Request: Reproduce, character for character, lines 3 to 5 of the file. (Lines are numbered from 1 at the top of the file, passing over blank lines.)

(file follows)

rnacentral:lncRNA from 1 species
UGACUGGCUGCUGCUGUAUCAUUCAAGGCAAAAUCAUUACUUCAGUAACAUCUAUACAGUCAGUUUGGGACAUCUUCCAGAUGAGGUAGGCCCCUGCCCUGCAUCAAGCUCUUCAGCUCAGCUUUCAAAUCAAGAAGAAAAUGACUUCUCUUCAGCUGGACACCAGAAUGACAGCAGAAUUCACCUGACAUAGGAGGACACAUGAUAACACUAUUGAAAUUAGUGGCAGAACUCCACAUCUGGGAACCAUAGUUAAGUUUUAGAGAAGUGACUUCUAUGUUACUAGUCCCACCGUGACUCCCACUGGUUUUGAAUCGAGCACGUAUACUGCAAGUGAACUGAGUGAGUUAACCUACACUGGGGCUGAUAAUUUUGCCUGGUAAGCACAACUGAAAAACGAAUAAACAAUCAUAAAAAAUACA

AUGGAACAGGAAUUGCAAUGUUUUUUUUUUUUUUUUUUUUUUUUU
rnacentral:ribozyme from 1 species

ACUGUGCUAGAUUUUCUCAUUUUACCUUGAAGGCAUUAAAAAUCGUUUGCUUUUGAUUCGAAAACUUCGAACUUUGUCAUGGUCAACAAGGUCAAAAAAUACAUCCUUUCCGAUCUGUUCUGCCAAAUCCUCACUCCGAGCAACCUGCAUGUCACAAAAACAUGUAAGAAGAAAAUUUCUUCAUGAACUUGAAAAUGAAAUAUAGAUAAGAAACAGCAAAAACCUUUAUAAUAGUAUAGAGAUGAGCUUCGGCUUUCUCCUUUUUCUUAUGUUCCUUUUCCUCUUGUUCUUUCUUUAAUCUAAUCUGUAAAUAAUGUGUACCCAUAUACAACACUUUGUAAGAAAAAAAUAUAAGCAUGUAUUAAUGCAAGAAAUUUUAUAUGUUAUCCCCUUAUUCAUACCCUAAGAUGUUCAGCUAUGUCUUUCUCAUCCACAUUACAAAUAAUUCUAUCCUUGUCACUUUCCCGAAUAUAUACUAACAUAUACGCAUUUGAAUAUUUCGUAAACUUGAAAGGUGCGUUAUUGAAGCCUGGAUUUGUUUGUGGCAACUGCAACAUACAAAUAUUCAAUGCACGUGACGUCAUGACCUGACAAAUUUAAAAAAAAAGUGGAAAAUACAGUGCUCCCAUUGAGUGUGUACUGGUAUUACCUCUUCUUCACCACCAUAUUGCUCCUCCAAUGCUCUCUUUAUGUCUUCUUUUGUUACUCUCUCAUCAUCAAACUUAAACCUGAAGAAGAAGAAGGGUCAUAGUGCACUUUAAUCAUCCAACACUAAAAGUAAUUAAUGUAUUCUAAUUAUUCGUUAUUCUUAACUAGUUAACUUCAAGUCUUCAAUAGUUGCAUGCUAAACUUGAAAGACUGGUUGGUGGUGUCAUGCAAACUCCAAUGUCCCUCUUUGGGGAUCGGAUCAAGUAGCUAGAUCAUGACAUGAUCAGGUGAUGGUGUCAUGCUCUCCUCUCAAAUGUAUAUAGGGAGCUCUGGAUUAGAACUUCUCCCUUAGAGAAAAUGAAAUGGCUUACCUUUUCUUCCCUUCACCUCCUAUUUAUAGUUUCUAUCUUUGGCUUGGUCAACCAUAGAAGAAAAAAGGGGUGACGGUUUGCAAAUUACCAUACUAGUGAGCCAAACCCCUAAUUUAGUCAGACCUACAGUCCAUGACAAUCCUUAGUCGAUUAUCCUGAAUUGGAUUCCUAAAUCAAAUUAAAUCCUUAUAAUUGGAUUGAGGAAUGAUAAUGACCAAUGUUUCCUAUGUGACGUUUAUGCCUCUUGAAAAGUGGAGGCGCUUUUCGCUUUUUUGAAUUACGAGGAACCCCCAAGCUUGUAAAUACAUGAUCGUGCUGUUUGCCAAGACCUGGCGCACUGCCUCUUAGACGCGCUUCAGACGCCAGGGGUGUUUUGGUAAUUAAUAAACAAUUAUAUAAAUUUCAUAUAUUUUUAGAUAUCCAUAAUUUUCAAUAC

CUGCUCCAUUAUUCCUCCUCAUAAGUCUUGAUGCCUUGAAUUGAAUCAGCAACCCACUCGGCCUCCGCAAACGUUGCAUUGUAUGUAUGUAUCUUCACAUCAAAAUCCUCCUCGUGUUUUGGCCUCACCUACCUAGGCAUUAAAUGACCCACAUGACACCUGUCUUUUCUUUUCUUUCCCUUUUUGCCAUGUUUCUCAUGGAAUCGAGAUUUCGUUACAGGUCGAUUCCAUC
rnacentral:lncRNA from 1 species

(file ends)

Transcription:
AUGGAACAGGAAUUGCAAUGUUUUUUUUUUUUUUUUUUUUUUUUU
rnacentral:ribozyme from 1 species

ACUGUGCUAGAUUUUCUCAUUUUACCUUGAAGGCAUUAAAAAUCGUUUGCUUUUGAUUCGAAAACUUCGAACUUUGUCAUGGUCAACAAGGUCAAAAAAUACAUCCUUUCCGAUCUGUUCUGCCAAAUCCUCACUCCGAGCAACCUGCAUGUCACAAAAACAUGUAAGAAGAAAAUUUCUUCAUGAACUUGAAAAUGAAAUAUAGAUAAGAAACAGCAAAAACCUUUAUAAUAGUAUAGAGAUGAGCUUCGGCUUUCUCCUUUUUCUUAUGUUCCUUUUCCUCUUGUUCUUUCUUUAAUCUAAUCUGUAAAUAAUGUGUACCCAUAUACAACACUUUGUAAGAAAAAAAUAUAAGCAUGUAUUAAUGCAAGAAAUUUUAUAUGUUAUCCCCUUAUUCAUACCCUAAGAUGUUCAGCUAUGUCUUUCUCAUCCACAUUACAAAUAAUUCUAUCCUUGUCACUUUCCCGAAUAUAUACUAACAUAUACGCAUUUGAAUAUUUCGUAAACUUGAAAGGUGCGUUAUUGAAGCCUGGAUUUGUUUGUGGCAACUGCAACAUACAAAUAUUCAAUGCACGUGACGUCAUGACCUGACAAAUUUAAAAAAAAAGUGGAAAAUACAGUGCUCCCAUUGAGUGUGUACUGGUAUUACCUCUUCUUCACCACCAUAUUGCUCCUCCAAUGCUCUCUUUAUGUCUUCUUUUGUUACUCUCUCAUCAUCAAACUUAAACCUGAAGAAGAAGAAGGGUCAUAGUGCACUUUAAUCAUCCAACACUAAAAGUAAUUAAUGUAUUCUAAUUAUUCGUUAUUCUUAACUAGUUAACUUCAAGUCUUCAAUAGUUGCAUGCUAAACUUGAAAGACUGGUUGGUGGUGUCAUGCAAACUCCAAUGUCCCUCUUUGGGGAUCGGAUCAAGUAGCUAGAUCAUGACAUGAUCAGGUGAUGGUGUCAUGCUCUCCUCUCAAAUGUAUAUAGGGAGCUCUGGAUUAGAACUUCUCCCUUAGAGAAAAUGAAAUGGCUUACCUUUUCUUCCCUUCACCUCCUAUUUAUAGUUUCUAUCUUUGGCUUGGUCAACCAUAGAAGAAAAAAGGGGUGACGGUUUGCAAAUUACCAUACUAGUGAGCCAAACCCCUAAUUUAGUCAGACCUACAGUCCAUGACAAUCCUUAGUCGAUUAUCCUGAAUUGGAUUCCUAAAUCAAAUUAAAUCCUUAUAAUUGGAUUGAGGAAUGAUAAUGACCAAUGUUUCCUAUGUGACGUUUAUGCCUCUUGAAAAGUGGAGGCGCUUUUCGCUUUUUUGAAUUACGAGGAACCCCCAAGCUUGUAAAUACAUGAUCGUGCUGUUUGCCAAGACCUGGCGCACUGCCUCUUAGACGCGCUUCAGACGCCAGGGGUGUUUUGGUAAUUAAUAAACAAUUAUAUAAAUUUCAUAUAUUUUUAGAUAUCCAUAAUUUUCAAUAC